“Miss Willig!” Lady B’s imperious voice hails me from across the ballroom. “Has that Miss Austen written anything new recently?”
“Er—” I scan the Ballroom, trying to remember what year it’s meant to be. The time/space continuum in the Ballroom being somewhat dodgy, it could be 1804 or it could be 1819, which means there’s no way of telling where we are vis a vis the Austen publication schedule. I decide to err on the side of caution and say, “I think so. Shall I go to Hatchards and inquire on your behalf?”
“No, no.” Lady B waves the suggestion aside, which is a pity, since I always enjoy a trip to Hatchard’s, whether it’s 1813 or 2013. She raises her voice and instructs Alfred, “Write that down. Something by Miss Austen.”
Albert squawks in assent. I squint at the ceiling and realize that Albert, perched on the chandelier, appears to be scribbling something onto a sheet of parchment, using a pen he holds between his claws. This not being the most stable situation, the sheet of paper drifts down in my direction, and I catch it before it falls to the ground.
In rather sloppy handwriting—although rather good for a parrot?—there is a scrawled list, which reads as follows: The Children of the Abbey, The Monk, The Mysteries of Udolpho, The Castle of Otranto, The Convent of Orsino, and Something by Miss Aus—
The last ends in a blot.
I hold up the paper and look quizzically at Lady B. “Book titles?”
“What else would they be?” says Lady B.
“Are you re-cataloguing the library?” Lord B got rather cross the last time Lady B attempted to recatalogue the library. The fact that she divided all the books into Books I Like and Books I Don’t, and shelved them accordingly, ranked by order of her personal preference, might have had something to do with his annoyance.
“Nonsense,” says Lady B. “That is my rustication reading list.”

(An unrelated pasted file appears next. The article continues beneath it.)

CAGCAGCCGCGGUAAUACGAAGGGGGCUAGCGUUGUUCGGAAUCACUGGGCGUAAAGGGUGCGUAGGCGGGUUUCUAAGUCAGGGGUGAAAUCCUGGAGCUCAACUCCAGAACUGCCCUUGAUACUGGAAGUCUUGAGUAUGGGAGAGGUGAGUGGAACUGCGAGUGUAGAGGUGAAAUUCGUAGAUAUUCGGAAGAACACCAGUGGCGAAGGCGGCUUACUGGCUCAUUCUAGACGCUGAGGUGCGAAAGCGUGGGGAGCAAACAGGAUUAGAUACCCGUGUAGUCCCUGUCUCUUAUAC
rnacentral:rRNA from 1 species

“Rustication reading list. For when I retire to the country.” She plucks the paper from my hand and makes a moue. “This will scarcely last me through the first week of August. Do any of our authoresses have any books out?”
“There’s a new one by Miss Dare,” I venture. “And an anthology with stories by Miss Ashe and Miss Neville.”
With her lorgnette perched on the bridge of her nose, Lady B scribbles busily. She looks at me severely from above the lenses. “And what of you, Miss Willig?”
“My next book is out in August.” In fact, it’s about Lady B’s new buddy, Miss Gwendolyn Meadows. The two have been taking fencing lessons together, which should fill any fop’s heart with fear. They’re both dangerous enough when they’re not armed.
“August.” Lady B wafts that away as impossibly far in the future. “Have it sent on to me in Hertfordshire. Or maybe it’s Herefordshire. Or Hampshire. Don’t look at me like that! It’s not as though I’m the one driving the chaise. I just sit there,” she says, with admirably Lady B-like logic, “and the coachman takes me to the country.”
At least she doesn’t claim that the country comes to her, which would be the next logical step for Lady B.
If you were joining Lady B in the country at the end of the Season, which books would you have on your rustication reading list?